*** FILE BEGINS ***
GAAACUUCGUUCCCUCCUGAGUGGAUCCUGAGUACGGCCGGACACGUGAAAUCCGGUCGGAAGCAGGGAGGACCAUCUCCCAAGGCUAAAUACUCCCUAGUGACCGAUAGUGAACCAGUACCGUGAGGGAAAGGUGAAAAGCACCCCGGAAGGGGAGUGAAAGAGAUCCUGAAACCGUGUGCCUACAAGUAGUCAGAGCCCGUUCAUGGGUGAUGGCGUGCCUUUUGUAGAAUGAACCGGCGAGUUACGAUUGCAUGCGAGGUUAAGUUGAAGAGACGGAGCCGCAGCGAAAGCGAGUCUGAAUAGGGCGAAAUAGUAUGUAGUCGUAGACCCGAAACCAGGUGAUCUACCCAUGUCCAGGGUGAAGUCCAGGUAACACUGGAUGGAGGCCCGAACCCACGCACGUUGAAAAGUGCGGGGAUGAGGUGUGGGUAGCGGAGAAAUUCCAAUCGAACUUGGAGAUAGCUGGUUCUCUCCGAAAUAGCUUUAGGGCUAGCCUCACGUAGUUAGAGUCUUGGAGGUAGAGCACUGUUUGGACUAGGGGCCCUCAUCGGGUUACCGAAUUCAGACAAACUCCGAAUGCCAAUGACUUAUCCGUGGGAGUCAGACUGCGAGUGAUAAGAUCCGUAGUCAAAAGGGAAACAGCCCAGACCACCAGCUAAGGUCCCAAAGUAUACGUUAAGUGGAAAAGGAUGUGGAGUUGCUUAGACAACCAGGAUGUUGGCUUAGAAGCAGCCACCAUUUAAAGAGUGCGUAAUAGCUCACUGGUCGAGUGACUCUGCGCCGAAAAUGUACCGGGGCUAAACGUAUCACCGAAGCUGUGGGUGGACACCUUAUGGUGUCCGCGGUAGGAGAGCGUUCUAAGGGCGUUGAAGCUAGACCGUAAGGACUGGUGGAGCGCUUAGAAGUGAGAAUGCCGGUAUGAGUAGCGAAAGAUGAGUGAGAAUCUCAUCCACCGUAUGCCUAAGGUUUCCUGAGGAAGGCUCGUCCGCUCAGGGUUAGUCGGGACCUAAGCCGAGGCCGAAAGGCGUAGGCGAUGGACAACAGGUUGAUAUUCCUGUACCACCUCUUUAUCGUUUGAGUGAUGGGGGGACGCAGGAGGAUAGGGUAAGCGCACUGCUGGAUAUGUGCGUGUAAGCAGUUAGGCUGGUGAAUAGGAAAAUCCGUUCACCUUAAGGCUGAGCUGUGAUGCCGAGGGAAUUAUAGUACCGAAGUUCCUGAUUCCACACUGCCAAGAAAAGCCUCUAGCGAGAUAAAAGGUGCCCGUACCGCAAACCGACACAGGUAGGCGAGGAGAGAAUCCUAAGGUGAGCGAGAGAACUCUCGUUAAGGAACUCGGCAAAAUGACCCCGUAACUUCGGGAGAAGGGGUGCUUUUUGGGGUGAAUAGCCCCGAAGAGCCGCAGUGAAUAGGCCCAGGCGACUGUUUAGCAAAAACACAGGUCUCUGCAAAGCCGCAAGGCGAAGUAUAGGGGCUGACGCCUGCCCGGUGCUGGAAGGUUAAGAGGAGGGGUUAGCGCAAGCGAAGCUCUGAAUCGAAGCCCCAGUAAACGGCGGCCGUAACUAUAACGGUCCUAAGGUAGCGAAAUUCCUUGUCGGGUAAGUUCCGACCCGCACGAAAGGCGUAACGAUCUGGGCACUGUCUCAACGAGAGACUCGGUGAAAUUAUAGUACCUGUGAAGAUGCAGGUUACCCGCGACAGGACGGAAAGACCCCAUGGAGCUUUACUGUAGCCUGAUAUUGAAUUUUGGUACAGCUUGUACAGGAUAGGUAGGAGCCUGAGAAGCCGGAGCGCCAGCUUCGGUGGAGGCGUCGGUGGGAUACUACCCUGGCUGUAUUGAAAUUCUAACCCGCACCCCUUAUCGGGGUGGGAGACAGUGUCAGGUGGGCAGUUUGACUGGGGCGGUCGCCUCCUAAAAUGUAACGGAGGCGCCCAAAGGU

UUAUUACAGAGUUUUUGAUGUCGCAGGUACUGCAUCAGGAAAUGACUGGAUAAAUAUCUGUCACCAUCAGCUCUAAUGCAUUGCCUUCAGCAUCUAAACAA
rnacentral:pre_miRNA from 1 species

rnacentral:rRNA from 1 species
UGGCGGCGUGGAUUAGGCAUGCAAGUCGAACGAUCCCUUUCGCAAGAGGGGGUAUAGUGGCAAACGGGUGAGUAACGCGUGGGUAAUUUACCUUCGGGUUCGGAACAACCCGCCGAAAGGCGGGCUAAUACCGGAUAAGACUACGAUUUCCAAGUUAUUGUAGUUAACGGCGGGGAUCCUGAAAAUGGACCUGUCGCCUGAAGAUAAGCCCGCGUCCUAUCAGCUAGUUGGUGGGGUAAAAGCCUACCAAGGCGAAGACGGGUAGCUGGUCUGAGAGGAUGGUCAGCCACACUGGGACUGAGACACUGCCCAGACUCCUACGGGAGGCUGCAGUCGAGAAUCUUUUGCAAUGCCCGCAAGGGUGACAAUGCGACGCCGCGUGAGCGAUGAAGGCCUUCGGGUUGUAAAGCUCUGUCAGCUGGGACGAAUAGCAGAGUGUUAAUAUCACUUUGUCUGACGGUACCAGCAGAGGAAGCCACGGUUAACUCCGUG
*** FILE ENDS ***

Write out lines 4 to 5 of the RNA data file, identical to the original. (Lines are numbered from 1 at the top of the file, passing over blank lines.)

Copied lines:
rnacentral:rRNA from 1 species
UGGCGGCGUGGAUUAGGCAUGCAAGUCGAACGAUCCCUUUCGCAAGAGGGGGUAUAGUGGCAAACGGGUGAGUAACGCGUGGGUAAUUUACCUUCGGGUUCGGAACAACCCGCCGAAAGGCGGGCUAAUACCGGAUAAGACUACGAUUUCCAAGUUAUUGUAGUUAACGGCGGGGAUCCUGAAAAUGGACCUGUCGCCUGAAGAUAAGCCCGCGUCCUAUCAGCUAGUUGGUGGGGUAAAAGCCUACCAAGGCGAAGACGGGUAGCUGGUCUGAGAGGAUGGUCAGCCACACUGGGACUGAGACACUGCCCAGACUCCUACGGGAGGCUGCAGUCGAGAAUCUUUUGCAAUGCCCGCAAGGGUGACAAUGCGACGCCGCGUGAGCGAUGAAGGCCUUCGGGUUGUAAAGCUCUGUCAGCUGGGACGAAUAGCAGAGUGUUAAUAUCACUUUGUCUGACGGUACCAGCAGAGGAAGCCACGGUUAACUCCGUG